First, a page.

What if the SEC investigated Banks the way it is investigating Mutual Funds?
William K. Black
The Wall Street Journal ran a story today (12/27/11) entitled “SEC Ups Its Game to Identify Rogue Firms.”
“Rogue” is an interesting word with a range of definitions. When it is used as an adjective its meaning is: “a playfully mischievous person; scamp.” The trivialization of the most destructive elite frauds is one of the most common forms of what criminologists call “neutralization” of the moral content of wrong doing. Neutralization increases crime.
The actual story makes it clear that the criminals that the SEC was identifying were not “rogues.” They were the CEOs of seemingly legitimate firms. The SEC is identifying “accounting control frauds” – the frauds that cause greater financial losses than all other forms of property crime combined. The SEC is not identifying a few rotten apples, but roughly 100 hedge funds likely to have engaged in accounting fraud. The WSJ describes the SEC’s identification system:
“The list is the low-tech product of a high-tech effort by the SEC to crack down on fraud at hedge funds and other investment firms. After the agency failed to detect the $17.3 billion Ponzi scheme by Bernard L. Madoff, who wowed investors with steady returns over several decades, SEC officials decided they needed a way to trawl through performance data and look for red flags that might signal a possible fraud.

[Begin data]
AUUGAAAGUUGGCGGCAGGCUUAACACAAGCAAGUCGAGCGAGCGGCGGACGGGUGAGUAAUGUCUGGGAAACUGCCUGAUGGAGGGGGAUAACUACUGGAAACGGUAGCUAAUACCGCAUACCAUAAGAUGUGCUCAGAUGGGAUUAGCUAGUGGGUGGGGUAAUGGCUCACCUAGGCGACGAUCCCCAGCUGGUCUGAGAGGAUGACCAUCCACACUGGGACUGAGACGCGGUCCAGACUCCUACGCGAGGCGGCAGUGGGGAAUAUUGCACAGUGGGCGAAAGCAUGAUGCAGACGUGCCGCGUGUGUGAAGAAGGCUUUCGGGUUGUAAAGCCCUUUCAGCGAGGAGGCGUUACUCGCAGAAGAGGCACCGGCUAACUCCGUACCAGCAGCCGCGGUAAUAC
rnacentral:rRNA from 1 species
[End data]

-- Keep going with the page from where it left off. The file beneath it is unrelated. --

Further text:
In 2009, the SEC began developing a computer-powered system that now analyzes monthly returns from thousands of hedge funds. Officials won’t say exactly how it works or how much it cost to build, but the agency has announced four civil-fraud lawsuits filed as a result of what it calls the “aberrational performance initiative.”” The SEC should be applauded for finally understanding that “if it’s too good to be true; it probably isn’t true.” Our agency put a similar system in place in 1984 to identify the S&L accounting control frauds that were driving that crisis. A quarter-century later, the SEC began to follow our well-trodden trail – but only with regard to felons inhabiting the middle of the fraud food chain (hedge funds).
The SEC has, inevitably, discovered that accounting fraud is common among hedge funds. It is unlikely that the SEC system is really “high-tech” in information science terms. Low-tech information systems have been capable of identifying “aberrational performance” for at least thirty years. We did not have to create any pioneering software in 1984 in order to identify aberrational performance. The cost and time to create our “red flags” was trivial (a few hours of programming time by an agency staffer). (We were collecting the data and computing the necessary ratios anyway. One simply decides the level of a few key variables worthy of being flagged. There’s nothing magic about a “flag.” All it means is that suspicious levels are highlighted on the computer screen and on physical copies of the periodic reports so that they capture the reader’s attention.)
The SEC took two years to create its “aberrational performance” system and is embarrassed enough about the cost that it wants to keep it secret. The two year development process allowed the SEC to make a major advance relative to our system – they invented a title consisting of two words and eight syllables. Devising a title that recondite doubtless accounts for six months of the time it took the SEC to develop its flags.